The International Renewable Energy Agency (IRENA), in partnership with the International Energy Agency (IEA) and Renewable Energy Policy Network for the 21st Century (REN21), released a report this month entitled "Renewable Energy Policies in a Time of Transition." The 112-page document is a comprehensive survey of technologies, policies, and programs that have current or prospective roles in the global transition to a sustainable energy economy.
For the ammonia energy community, one of its conclusions stands out in vivid relief:
"Developing P2X is crucial because it plays a key role in decarbonising long haul road transport, aviation and shipping sectors that are difficult to decarbonize ... The overall recommendation for developing P2X is to focus on the development of ammonia for the shipping sector as well as long haul road transport, where few or no competing low carbon technologies exist and P2X is expected to be economically viable."
The Japanese manufacturer IHI Corporation announced on March 28 that it had successfully demonstrated the co-firing of ammonia and coal in a fuel mix composed of 20% ammonia. Ammonia-coal co-firing had previously been demonstrated by Chugoku Electric in a fuel mix composed of just 0.6-0.8% ammonia.
IHI says its ultimate goal is to “construct a value chain that connects the production and use of ammonia, using combustion technology of gas turbines and coal-fired boilers, using ammonia as fuel.”
Yara International, one of the world’s largest ammonia producers, is making strides in its development of green ammonia as a fertilizer, chemical intermediate, and energy carrier. The progress is documented in the company’s 2017 annual report, released last week, and in more detail in a presentation delivered in late February at the 2018 Nitrogen + Syngas Conference in Gothenburg, Sweden.
The NH3 Fuel Association has exciting plans for the 15th annual NH3 Fuel Conference!
Our 2018 offering will have much in common with the 2017 edition, but will also embody significant departures. As was the case in 2017, our annual event will be held over two days, scheduled in alignment with the American Institute of Chemical Engineers (AIChE) Annual Meeting. The key difference for 2018 is that it won’t be a single two-day conference; rather it will take the form of two separate conferences held on consecutive days.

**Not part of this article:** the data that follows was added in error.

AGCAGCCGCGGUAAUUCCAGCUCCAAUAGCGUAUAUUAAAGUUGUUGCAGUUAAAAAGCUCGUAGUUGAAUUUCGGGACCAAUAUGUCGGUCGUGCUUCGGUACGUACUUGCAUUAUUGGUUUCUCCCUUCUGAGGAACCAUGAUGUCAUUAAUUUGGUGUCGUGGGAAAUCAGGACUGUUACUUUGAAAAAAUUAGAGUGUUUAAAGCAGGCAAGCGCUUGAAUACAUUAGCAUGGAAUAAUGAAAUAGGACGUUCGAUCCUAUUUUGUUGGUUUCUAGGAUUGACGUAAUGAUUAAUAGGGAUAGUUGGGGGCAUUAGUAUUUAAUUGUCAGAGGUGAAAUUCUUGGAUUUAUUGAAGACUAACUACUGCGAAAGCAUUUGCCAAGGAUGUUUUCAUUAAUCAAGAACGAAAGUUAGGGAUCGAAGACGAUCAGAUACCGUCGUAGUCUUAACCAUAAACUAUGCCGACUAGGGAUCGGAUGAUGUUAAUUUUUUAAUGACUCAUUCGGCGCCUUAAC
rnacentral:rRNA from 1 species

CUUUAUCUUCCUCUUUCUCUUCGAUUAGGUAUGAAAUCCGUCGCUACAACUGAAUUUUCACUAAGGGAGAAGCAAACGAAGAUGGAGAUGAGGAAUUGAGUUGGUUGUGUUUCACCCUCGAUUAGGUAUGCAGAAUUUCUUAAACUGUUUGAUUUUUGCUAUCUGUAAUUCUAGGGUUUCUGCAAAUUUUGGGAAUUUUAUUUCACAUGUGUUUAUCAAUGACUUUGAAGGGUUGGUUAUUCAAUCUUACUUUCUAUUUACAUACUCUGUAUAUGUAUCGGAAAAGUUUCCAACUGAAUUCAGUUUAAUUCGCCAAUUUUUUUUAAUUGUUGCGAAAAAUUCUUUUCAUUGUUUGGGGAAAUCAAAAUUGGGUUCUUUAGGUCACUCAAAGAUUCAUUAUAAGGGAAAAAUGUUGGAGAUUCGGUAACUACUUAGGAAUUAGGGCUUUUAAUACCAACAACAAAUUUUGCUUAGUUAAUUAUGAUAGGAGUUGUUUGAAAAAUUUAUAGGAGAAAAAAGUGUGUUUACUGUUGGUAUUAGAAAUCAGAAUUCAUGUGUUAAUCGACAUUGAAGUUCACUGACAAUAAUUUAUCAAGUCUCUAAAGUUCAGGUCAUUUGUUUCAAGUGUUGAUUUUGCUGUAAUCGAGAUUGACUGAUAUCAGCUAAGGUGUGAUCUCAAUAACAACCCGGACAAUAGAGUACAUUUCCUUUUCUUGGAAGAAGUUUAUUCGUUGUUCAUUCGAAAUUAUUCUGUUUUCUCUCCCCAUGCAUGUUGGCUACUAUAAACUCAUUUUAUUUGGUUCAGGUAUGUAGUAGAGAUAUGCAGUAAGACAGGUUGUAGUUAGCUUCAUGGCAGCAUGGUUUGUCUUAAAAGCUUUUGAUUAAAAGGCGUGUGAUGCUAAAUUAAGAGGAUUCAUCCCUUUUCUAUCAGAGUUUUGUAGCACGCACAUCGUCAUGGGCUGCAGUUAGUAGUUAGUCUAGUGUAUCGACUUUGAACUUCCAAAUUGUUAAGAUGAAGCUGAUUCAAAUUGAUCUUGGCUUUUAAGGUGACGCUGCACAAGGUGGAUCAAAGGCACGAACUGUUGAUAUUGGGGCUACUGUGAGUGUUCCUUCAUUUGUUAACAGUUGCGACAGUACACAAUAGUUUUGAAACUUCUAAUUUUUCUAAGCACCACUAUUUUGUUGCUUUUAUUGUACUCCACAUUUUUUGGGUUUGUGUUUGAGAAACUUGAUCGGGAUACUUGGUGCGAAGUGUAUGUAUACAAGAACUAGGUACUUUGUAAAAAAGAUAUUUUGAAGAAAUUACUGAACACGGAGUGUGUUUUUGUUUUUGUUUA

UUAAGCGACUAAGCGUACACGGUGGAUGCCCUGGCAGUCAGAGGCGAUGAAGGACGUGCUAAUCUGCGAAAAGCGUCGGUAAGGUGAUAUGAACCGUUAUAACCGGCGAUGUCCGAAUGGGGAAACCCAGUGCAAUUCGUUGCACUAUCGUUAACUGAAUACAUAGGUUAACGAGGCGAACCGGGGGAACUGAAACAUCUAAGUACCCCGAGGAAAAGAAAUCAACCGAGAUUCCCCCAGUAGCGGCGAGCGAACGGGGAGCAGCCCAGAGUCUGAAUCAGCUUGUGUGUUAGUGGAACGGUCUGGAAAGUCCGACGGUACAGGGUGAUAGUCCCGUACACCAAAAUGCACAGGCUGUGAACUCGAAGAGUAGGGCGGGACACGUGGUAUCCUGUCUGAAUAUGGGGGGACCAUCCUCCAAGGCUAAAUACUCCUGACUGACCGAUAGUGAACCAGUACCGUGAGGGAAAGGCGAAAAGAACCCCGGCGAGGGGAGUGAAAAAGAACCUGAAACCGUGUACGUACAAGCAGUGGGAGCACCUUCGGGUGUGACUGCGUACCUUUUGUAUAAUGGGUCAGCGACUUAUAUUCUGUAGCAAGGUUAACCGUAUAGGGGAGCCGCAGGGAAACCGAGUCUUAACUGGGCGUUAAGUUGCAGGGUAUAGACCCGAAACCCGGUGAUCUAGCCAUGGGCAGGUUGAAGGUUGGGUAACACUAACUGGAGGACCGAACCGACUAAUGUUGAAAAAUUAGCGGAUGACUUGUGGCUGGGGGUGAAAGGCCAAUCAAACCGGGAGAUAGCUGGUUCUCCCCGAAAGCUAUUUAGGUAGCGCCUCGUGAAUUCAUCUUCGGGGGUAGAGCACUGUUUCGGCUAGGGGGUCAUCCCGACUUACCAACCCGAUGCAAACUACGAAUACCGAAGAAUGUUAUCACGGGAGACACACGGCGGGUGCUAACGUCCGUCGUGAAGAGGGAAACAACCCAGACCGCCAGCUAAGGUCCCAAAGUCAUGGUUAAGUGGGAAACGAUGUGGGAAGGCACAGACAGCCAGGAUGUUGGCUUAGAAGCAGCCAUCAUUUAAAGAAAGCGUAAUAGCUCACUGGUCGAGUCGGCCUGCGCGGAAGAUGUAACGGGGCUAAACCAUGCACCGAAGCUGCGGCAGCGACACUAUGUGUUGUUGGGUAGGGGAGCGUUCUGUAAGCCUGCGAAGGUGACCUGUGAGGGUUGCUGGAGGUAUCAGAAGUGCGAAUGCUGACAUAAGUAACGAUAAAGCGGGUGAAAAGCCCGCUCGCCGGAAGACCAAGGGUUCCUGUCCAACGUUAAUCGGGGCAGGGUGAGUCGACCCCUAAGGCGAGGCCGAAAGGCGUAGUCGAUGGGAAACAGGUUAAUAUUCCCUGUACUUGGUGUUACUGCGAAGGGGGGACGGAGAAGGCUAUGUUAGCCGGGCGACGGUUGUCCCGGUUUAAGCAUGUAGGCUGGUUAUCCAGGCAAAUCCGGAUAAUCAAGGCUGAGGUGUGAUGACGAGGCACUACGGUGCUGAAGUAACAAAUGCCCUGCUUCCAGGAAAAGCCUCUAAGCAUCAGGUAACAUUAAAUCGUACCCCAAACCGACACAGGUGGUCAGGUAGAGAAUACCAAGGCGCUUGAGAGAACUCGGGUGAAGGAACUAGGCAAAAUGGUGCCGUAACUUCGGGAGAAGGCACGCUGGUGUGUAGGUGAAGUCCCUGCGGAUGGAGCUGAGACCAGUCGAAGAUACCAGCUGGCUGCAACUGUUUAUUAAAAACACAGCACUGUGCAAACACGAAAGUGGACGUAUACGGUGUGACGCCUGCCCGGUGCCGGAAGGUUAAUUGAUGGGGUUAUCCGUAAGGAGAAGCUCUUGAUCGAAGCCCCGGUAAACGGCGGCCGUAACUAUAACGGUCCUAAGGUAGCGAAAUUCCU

On October 31, we will host the NH3 Energy+ Topical Conference within the AIChE Annual Meeting in Pittsburgh, Pennsylvania. And on the next day, November 1, we will present the inaugural NH3 Energy Implementation Conference, also in Pittsburgh albeit at a separate venue.
The Topical Conference’s call for abstracts is now open and interested parties can submit their abstracts through the AIChE Web site.
Henrik Stiesdal is a distinguished figure in the field of wind energy. As such, he has had ample occasion to contemplate the field’s challenges and opportunities. Recently he concluded that ammonia may become an important part of wind energy’s future.
A recent Ammonia Energy post mentioned that in December 2017 “the Japanese government . . . approved an updated hydrogen strategy which appears to give ammonia the inside track in the race against liquid hydrogen (LH2) and liquid organic hydride (LOH) energy carrier systems.” While this news is positive, the hydrogen strategy remains the essential context for economic implementation of ammonia energy technologies in Japan; ammonia’s prospects are only as bright as those of hydrogen. This is why Ammonia Energy asks from time to time, how is hydrogen faring in Japan?